Before I go on I just want to give a shout out to Mostafa El Ayoubi and his fantastic Dynamo Package ‘Data-Shapes’. We will come back to this a little later on.
A client of ours recently wanted the ability to schedule all the Spot Coordinates in Revit for purposes of setting out. As it stands in Revit there is no way to schedule Dimensions, and Spot Coordinates fall into this category. However, we can use a mixture of both Dynamo and Revit family creation in order to facilitate this requirement.
If we create a new Generic Annotation family and make it look graphically the same as a Spot Coordinate, we are able to schedule any parameters assigned to these families. The graphics of this family can be easily changed to suit company standards.
I created four text parameters that will later be populated from Dynamo once the family is placed in the project. The yes/no parameters are assigned to the visibility of the label allowing different variations on what is visible. These have been assigned to three types in the family:
• XY – XY – Only shows the X and Y coordinate
• XY – Ref – Shows the X and Y coordinate with the unique reference number
• XY – Grid Ref – Shows the X and Y Coordinate, along with the unique reference number and the closest grid intersection reference
Once this family is loaded into the host project, go to Annotate > Symbol > Symbol and place the family in the current view as required. This symbol can be placed in any plan view and the Dynamo script can populate all the symbol labels at once.
Without dissecting the Dynamo script too much, it runs a filter over generic annotations to select this particular family type by its name. It then retrieves the family location based on the Revit origin point as default. I added a translation vector between this point and both the base point and survey point should they differ to move the points accordingly. The script then populates both the X and Y parameter with this information. There is a rounding method embedded which is defined in the inputs of the scrip specifying the number of decimal places.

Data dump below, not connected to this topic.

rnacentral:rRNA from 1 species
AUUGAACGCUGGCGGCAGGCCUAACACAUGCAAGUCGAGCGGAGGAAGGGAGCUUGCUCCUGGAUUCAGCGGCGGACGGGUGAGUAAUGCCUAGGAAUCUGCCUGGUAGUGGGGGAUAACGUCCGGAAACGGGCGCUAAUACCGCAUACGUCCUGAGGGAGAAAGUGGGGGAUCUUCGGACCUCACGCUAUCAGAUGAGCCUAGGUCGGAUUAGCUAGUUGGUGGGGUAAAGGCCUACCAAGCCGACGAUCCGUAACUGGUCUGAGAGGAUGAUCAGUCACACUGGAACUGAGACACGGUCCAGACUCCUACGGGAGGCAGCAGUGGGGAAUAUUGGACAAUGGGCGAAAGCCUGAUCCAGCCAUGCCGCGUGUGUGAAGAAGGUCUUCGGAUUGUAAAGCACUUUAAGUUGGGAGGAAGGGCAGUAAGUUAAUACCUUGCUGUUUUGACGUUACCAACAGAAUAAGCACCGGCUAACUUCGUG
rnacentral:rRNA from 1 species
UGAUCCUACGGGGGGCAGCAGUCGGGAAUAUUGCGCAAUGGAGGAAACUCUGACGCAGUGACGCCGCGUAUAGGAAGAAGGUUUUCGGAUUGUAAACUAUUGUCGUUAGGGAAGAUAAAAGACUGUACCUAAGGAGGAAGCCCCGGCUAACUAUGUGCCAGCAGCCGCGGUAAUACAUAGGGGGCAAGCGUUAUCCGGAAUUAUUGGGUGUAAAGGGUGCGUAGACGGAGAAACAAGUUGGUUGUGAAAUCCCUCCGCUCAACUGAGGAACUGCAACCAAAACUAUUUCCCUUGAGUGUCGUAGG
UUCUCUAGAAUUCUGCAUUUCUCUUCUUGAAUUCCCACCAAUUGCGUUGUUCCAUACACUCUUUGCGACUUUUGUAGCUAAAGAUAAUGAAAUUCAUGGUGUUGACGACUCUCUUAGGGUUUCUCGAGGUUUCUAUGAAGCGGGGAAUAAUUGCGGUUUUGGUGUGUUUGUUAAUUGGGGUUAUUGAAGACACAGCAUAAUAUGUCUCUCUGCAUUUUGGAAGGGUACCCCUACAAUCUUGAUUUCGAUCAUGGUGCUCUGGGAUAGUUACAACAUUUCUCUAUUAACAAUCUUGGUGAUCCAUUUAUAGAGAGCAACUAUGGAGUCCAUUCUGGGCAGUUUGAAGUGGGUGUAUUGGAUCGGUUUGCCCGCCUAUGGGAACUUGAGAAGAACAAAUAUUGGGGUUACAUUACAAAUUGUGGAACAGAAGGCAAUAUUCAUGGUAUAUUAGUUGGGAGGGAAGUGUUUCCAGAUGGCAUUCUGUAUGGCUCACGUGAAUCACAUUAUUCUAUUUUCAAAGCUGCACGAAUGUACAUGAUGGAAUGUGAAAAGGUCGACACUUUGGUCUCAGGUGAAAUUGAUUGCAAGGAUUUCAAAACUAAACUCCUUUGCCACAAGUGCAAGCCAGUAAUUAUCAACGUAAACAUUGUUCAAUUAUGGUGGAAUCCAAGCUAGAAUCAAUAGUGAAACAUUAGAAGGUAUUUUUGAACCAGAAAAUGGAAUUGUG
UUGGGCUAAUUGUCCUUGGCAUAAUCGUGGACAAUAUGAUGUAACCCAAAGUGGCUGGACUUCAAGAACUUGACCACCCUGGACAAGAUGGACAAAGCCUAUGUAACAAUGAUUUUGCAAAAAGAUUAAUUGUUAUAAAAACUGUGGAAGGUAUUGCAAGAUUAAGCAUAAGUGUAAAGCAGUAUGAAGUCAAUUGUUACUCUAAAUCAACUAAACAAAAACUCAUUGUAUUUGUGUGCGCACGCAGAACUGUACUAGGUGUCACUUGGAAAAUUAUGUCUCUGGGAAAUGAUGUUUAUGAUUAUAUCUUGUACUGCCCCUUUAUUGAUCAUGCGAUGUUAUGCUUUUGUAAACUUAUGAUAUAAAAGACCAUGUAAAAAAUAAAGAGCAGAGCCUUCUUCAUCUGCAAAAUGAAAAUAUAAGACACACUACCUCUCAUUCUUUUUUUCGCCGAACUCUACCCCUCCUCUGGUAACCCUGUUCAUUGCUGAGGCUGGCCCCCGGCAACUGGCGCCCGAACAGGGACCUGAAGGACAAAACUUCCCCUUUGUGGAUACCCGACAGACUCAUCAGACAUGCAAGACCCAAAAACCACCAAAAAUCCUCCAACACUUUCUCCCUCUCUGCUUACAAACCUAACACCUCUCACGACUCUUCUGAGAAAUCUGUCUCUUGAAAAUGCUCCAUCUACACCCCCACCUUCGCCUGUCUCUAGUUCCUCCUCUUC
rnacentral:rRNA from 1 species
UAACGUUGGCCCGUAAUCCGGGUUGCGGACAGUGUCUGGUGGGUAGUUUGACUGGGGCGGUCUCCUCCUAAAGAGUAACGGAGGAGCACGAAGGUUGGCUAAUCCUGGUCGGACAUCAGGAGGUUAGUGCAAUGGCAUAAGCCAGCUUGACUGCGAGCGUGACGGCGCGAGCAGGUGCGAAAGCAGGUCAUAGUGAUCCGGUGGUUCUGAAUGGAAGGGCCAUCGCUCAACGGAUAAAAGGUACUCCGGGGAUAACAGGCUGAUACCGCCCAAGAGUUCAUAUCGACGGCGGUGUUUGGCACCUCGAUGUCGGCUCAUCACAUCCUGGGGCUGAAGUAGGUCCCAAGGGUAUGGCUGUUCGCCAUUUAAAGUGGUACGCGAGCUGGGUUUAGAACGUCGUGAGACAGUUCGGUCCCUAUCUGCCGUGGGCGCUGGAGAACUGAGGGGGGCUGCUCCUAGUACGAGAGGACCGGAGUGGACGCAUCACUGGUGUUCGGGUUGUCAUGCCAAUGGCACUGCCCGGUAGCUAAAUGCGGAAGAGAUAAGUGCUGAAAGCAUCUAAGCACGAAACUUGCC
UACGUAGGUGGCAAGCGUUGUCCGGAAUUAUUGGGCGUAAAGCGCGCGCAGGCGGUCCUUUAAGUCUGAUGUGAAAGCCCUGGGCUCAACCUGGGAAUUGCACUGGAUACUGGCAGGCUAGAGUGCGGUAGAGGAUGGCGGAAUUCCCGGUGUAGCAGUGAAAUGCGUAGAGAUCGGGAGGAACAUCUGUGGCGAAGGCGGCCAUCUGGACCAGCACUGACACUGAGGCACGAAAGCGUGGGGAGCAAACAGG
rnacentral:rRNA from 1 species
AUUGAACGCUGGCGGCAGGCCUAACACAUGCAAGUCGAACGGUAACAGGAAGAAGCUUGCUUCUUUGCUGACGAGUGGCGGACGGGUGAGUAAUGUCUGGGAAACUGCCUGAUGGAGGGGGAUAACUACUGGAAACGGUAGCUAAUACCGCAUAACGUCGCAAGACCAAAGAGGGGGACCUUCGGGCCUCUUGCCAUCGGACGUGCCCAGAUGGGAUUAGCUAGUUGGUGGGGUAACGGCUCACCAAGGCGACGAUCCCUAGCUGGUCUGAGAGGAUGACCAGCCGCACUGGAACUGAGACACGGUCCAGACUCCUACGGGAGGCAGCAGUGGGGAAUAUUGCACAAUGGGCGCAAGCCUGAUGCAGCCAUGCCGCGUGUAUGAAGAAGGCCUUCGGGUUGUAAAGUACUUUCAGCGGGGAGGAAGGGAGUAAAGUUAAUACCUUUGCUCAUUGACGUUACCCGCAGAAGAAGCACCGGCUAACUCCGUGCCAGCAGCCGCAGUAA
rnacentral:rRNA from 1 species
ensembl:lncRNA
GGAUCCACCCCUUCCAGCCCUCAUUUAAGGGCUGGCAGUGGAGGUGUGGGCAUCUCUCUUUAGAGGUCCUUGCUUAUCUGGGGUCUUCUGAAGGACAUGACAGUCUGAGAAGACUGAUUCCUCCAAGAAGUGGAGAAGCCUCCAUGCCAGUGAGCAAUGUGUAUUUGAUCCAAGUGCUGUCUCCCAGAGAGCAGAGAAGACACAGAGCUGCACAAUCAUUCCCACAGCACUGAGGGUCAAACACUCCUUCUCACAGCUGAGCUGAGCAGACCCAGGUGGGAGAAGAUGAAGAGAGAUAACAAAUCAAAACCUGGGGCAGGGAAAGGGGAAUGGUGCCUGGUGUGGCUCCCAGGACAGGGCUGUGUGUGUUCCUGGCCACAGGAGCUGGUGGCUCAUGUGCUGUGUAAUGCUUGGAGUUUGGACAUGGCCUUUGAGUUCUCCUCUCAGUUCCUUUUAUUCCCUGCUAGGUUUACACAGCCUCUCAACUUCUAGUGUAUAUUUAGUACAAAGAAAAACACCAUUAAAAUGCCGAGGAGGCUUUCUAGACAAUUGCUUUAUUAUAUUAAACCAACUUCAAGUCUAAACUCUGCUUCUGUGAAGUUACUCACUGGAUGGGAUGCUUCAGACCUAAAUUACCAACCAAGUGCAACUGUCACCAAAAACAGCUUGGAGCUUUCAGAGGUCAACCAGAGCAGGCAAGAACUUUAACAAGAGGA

The reference parameter is simply populated by querying the placed spot coordinate annotations and either writing the Revit ID or Unique GUID back to the parameter.
The final and slightly lengthier part of the script finds which grid intersection point is closest to the location of the generic annotation and populates the grid reference parameter. This method concatenates the results should the spot coordinates sit equidistant away from two or more grid intersections. The script allows for horizontal, vertical, diagonal and radial gridlines by using a cross-lacing and sorting methodology to find intersections removing any duplicates. These intersection points are paired with the names of the gridlines to allow for a text value to be wrote back to the generic annotations.
If you wish to explore the Dynamo definition in more detail, please feel free to open the original script.
All in all the script is not majorly complex but still requires a number of custom packages to be installed:
Clockwork for Dynamo 1.x – v. 1.0.2
Data-Shapes – v. 2017.3.2
Zebra – v. 2016.7.2
I have utilised the Data-Shapes package to allow for the UI input of different options. Mostafa has done a fantastic job creating a pop-up dialogue box in Python that allows you to group together inputs required to run a script. When you couple this package with the Dynamo Player, you get a lot of flexibility in the scripts you can run. Upon running this script through Dynamo Player you are presented with several drop down options that can change the information you write to the generic annotations.
Once this definition is run and the generic annotations are populated with data, you can run a schedule internally by going to View > Create > Schedules > Note Block. If you have more than one symbol loaded into the project just select the correct family when prompted.
Below shows a short video of the workflow in action. Please feel free to download and use this tool and please pass any comments on to us at firstname.lastname@example.org